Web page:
When are you done with a home-studio recording session? Part 2 of 2.

Edge Studio

NOTE: This is the second post in a 2-part article. Click here to read part 1!

Last week we reviewed what to do after the rare session at a client’s studio. Now let’s look at what you should do after a session at your home studio – 99% of most talent situations. Maybe the client is on the phone or another connection. Maybe there is a remote director. Or maybe your client is just listening-in as an observer or sounding board.

Even if (especially if) you’re working alone and largely self-directing, what all should you do at the end?

If you’re being remotely directed in your home studio, it’s the same situation as when working away: When the client is satisfied, the session is over.

But what you do next is somewhat different.

After a remote session, anyone can disconnect through a simple click, with little or no notice, and there may have no chance (or even desire) to schmooze. It’s not the same as when, in person, you must at least hang around long enough to grab your bag and put on your coat.

So get the “paperwork” executed before you record. If the hiring process proceeded too quickly for a formal contract, and especially if the client balks at signing a contract, you should have obtained an email from the client’s business email address that stipulates the details of the job, including your policy regarding revisions, script changes, etc.

Obviously, you can’t exchange physical business cards, so also get names and contact info before the session, preferably in an email from the client or producer. Otherwise, consider recording their contact details (including spellings) while you’re recording; it’s faster than writing.

In exchange, if any people have not already been introduced to you, introduce yourself, and mention your website URL (unless for some reason your identity is meant to be confidential).

After the session, get your thank-you’s into the closing ceremony right away, and confirm what the next step will be. Include a sincere compliment (e.g., “nice working with you,” “your scriptwriting is terrific,” or “your product is really terrific”).

Unless asked to stop recording, consider leaving the Record button on, so you might capture the client saying, “That’s good” or “Well done,” and any important details you’ll need to know.

As you hang up the phone or disconnect the VOIP session, etc., confirm that you are disconnected.

Then there are some important steps before you break down the session:

  • Make a backup copy of the session file(s).
  • Save your microphone settings and setup description!

In fact, save ALL recording notes, scripts, names of personnel, job number(s), correspondence and email, and any other data. Not only might you need it for billing and for reminding the client to send you a finished audio sample, you would need it to pick up where you left off. Suppose the client, a year later, asks for a re-record? In addition to making it easier to match the audio level and other characteristics, if you are organized and can get right back up to speed, it demonstrates that you are every bit a pro.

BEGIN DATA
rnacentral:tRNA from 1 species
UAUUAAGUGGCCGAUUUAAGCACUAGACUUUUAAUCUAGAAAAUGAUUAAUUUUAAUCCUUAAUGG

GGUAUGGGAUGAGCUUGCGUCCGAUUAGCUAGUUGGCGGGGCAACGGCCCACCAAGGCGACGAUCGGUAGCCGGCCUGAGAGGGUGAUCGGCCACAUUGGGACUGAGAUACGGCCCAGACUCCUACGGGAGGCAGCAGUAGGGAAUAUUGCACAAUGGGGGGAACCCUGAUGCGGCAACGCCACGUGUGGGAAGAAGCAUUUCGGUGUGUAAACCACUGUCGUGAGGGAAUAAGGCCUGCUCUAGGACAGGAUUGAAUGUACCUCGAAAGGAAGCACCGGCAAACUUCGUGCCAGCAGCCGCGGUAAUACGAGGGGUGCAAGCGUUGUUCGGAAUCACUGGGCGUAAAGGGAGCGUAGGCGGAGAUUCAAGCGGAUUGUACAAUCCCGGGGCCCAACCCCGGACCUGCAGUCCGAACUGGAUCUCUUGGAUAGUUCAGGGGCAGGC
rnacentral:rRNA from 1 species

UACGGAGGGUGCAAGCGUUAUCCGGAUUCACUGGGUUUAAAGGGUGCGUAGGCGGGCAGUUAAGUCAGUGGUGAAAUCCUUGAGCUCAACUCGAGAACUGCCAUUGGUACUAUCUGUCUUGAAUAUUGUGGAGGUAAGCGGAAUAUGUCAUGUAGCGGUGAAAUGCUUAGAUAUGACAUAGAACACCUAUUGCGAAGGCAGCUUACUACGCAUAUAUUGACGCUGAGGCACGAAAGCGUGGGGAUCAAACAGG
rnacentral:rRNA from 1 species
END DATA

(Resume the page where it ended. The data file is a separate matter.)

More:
See last week’s article for additional thoughts that apply to any recording job.

One thing NOT to do, at least if it’s a new or slow-paying client: If you are in sole possession of the high-fidelity recording, do not send it out until you have a written (at least emailed) agreement or payment in hand. If you record and perform to the standards conveyed by your demo and/or audition, you should be paid. Don’t wind up unintentionally working on “speculation.”

Then, as with any session, email or snail-mail a follow-up “thank-you” right away.. Maybe even include a thank-you gift. (Don’t overdo it, but a token $10 Starbucks gift card could help you cinch more work from the client.)

Other conversation re-openers for this follow-up, and one or two emails later in the year:

  • Don’t be shy — ask how you can do more work with the client.
  • How did the project work out? Remember, you’re asking now about the overall project, not how you did, so this doesn’t suggest insecurity.
  • Might they need you to re-record any part of it? Maybe there was a question that could not be answered during the session. Whatever the possible reason, this question lets them know (without being pushy about it) that you remain available and are able to hew consistently to the same professional standards.
  • Have they considered a follow-up? Assuming they say the production (ad campaign, product, explainer video, whatever) was successful, or if something has changed, maybe there’s a way you and the client can extend the life of the recording. For example, “Since it was a hit as a non-seasonal holiday gift, maybe a revision, or a tag, for Mother’s Day?”

And if you’re self-directing, with no client, no director, nobody listening in as you record your voice, how do you know stop recording? When you can take as much or as little time as you want, how do you know when you have the take you need?

Ah, that’s another topic in itself. Stay tuned.

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